You can take surprisingly nice pictures with a basic digital camera by using a fairly bright (but not really bright!) indoor location, mounting the camera on a tripod or at least some sort of improvised solid rest, manually turning the flash OFF, and shooting the picture using the timer feature. You don't need to use the 10sec timer like you would for a self-posed portrait; this is what the 2-3sec timer setting is for.

Unless the camera is really cheap, turning the flash off in indoor light will cause the camera to self-adjust and lengthen its exposure time. It's essential to use a tripod or rest because most people physically can't hold a camera still enough to prevent blurring during the long exposure.
I prefer taking them outside on a neutral background. I also try to photograph guns at a slight angle to eliminate glare. The other trick is to wipe the gun down with oil to eliminate any smears or fingerprints. I also leave my macro setting on for the most part. Make sure you get the "green" go lines before you shoot the pic, because "red" means the camera expects a pic in that moment to be crappy.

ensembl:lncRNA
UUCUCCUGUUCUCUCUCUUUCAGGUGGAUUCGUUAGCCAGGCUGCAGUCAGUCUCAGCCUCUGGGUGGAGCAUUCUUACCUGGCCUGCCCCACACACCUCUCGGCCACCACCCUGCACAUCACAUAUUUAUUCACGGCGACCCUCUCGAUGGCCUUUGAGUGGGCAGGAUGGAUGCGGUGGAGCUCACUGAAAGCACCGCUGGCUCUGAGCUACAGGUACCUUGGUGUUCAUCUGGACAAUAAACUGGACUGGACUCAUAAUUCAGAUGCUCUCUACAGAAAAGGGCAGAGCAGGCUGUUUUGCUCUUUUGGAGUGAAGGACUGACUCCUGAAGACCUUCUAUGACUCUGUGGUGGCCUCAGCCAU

Here is an example of my Walther and my way of photography:
Walther PP, 1941, E/WaA359 accepted. Its a high polish gun, which only approx the first 15k were. After those, these PPs such as yours had a dull military blue which was more efficient for production. It also has a SN matching mag which is thought to represent Luftwaffe contract.

__________________
Winchester 73, the TFL user that won the west
Winchester_73 is offline  
Old December 4, 2012, 10:05 PM   #15
jasmith85
Senior Member
 
Join Date: April 6, 2012
Location: Tennessee
Posts: 323
Thanks for all of the information everyone. A friend of mine looked at it recently and did say it may have been some type of nickel or chrome plating. I believe that his reasoning was that it looks like the inside of the slide was copper plated. I know very little about the finish on guns so I don't know if that would actually matter or not though. For now I don't think I'll refinish it just in case. It has a little wear but nonetheless looks good to me the way it is. The main reason I like it is because of the history anyway.
jasmith85 is offline  
Reply

Thread Tools

Posting Rules
You may not post new threads
You may not post replies
You may not post attachments
You may not edit your posts

BB code is On
Smilies are On
[IMG] code is On
HTML code is Off

Forum Jump


All times are GMT -5. The time now is 01:15 AM.


Powered by vBulletin® Version 3.8.7
Copyright ©2000 - 2014, vBulletin Solutions, Inc.
This site and contents, including all posts, Copyright © 1998-2014 S.W.A.T. Magazine
Copyright Complaints: Please direct DMCA Takedown Notices to the registered agent: thefiringline.com
Contact Us
Page generated in 0.10046 seconds with 8 queries